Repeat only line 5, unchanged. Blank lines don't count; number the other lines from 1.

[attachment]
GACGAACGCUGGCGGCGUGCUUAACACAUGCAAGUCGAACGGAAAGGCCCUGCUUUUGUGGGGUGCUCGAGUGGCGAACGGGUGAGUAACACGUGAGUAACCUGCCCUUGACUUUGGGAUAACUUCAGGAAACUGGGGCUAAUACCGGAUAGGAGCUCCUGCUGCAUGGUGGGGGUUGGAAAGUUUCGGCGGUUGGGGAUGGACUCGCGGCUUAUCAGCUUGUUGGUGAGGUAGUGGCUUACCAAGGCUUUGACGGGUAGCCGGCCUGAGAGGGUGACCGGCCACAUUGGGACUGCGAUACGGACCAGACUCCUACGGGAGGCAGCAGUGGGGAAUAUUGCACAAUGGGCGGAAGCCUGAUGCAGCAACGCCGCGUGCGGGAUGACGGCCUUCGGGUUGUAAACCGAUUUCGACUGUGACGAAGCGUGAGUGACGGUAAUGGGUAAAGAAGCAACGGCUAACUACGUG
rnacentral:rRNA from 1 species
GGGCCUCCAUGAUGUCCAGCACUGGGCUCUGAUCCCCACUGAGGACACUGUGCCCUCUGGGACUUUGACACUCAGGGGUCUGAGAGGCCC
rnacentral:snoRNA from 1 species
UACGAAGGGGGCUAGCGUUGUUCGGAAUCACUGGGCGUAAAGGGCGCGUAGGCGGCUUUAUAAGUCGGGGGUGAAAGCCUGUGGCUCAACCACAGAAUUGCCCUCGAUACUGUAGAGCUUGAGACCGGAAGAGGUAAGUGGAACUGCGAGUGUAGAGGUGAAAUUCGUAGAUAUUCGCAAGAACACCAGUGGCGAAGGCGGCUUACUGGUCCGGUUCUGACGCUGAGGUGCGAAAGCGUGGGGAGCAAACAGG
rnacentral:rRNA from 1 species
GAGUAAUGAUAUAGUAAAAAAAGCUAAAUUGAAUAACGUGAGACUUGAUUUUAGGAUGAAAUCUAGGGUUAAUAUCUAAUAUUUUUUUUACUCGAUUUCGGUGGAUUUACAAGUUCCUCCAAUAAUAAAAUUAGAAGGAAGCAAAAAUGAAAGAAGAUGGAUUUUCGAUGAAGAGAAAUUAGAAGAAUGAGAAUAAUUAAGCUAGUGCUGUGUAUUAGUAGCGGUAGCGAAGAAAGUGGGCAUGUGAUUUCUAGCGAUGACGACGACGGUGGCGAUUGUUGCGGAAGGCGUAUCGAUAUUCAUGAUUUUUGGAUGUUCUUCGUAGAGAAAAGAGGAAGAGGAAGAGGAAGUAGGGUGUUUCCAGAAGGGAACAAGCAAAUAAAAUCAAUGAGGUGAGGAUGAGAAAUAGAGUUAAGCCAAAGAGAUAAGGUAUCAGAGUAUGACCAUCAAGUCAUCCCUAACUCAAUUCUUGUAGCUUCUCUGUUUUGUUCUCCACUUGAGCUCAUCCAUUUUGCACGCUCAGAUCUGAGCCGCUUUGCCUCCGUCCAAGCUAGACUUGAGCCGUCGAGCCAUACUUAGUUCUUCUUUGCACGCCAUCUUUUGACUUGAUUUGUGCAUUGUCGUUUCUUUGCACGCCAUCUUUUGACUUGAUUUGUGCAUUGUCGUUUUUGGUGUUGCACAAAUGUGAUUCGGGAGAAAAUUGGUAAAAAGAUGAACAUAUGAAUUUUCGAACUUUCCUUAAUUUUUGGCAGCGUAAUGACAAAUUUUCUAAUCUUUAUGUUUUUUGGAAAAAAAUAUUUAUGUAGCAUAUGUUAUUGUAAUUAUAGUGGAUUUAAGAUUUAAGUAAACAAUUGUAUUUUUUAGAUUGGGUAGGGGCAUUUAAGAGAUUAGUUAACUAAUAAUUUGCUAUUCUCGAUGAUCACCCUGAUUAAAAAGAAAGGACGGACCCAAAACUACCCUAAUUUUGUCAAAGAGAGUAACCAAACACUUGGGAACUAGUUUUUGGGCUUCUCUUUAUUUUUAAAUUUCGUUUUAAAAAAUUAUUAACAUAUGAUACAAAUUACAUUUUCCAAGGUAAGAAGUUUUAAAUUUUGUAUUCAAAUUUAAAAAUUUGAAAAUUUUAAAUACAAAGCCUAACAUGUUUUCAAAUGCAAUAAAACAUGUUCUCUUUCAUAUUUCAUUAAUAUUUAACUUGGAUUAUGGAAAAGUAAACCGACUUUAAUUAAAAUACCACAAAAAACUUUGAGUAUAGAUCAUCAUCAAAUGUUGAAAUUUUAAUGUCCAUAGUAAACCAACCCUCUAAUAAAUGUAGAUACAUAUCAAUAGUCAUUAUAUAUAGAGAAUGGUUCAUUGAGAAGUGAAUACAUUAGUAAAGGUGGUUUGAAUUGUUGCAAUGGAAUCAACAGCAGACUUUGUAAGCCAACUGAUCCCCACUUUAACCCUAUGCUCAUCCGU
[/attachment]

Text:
UACGAAGGGGGCUAGCGUUGUUCGGAAUCACUGGGCGUAAAGGGCGCGUAGGCGGCUUUAUAAGUCGGGGGUGAAAGCCUGUGGCUCAACCACAGAAUUGCCCUCGAUACUGUAGAGCUUGAGACCGGAAGAGGUAAGUGGAACUGCGAGUGUAGAGGUGAAAUUCGUAGAUAUUCGCAAGAACACCAGUGGCGAAGGCGGCUUACUGGUCCGGUUCUGACGCUGAGGUGCGAAAGCGUGGGGAGCAAACAGG